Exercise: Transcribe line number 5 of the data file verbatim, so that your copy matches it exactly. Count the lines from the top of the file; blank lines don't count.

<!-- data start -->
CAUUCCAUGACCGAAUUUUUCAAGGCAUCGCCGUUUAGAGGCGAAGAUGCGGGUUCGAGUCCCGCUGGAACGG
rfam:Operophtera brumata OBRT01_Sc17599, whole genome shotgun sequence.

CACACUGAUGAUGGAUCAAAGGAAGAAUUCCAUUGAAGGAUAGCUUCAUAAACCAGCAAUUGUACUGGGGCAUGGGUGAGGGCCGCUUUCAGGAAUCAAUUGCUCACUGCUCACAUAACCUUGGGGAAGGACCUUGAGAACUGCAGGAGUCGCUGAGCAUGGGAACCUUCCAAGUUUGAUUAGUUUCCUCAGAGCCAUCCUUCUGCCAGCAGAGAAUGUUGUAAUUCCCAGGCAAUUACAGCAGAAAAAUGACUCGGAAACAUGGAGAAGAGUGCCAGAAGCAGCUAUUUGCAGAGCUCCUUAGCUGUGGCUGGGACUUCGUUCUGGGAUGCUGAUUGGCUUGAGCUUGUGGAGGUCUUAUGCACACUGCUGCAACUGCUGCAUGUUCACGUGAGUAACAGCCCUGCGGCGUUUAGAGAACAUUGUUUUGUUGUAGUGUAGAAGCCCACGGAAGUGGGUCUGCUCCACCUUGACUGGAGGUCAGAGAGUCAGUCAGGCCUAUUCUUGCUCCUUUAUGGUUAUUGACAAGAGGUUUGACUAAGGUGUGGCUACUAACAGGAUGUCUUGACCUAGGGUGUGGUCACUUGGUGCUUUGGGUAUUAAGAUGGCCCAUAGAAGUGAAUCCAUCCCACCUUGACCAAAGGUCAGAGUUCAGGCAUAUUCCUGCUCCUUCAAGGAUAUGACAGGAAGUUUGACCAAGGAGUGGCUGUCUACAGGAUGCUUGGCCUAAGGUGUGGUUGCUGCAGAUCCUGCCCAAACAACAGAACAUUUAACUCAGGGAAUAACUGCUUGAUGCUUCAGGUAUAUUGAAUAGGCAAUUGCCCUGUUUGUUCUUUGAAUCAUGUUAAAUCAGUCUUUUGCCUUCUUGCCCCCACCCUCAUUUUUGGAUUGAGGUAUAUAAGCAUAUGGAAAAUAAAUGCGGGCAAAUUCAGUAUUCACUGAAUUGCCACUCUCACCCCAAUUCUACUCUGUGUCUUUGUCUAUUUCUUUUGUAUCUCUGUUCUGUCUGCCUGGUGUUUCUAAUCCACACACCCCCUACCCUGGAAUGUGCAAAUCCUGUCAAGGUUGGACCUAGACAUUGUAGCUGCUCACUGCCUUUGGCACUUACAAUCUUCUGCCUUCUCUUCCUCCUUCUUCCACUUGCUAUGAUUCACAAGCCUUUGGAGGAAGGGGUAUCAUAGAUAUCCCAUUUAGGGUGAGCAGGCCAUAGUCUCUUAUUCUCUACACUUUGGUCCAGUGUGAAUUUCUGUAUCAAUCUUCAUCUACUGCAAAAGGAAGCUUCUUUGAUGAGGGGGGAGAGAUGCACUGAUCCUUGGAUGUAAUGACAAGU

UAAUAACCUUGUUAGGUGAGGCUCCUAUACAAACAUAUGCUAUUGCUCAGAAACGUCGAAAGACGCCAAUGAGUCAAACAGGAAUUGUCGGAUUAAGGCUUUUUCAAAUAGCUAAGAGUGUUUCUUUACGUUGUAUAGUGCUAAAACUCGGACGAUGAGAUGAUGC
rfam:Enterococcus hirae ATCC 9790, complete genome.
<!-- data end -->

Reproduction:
rfam:Enterococcus hirae ATCC 9790, complete genome.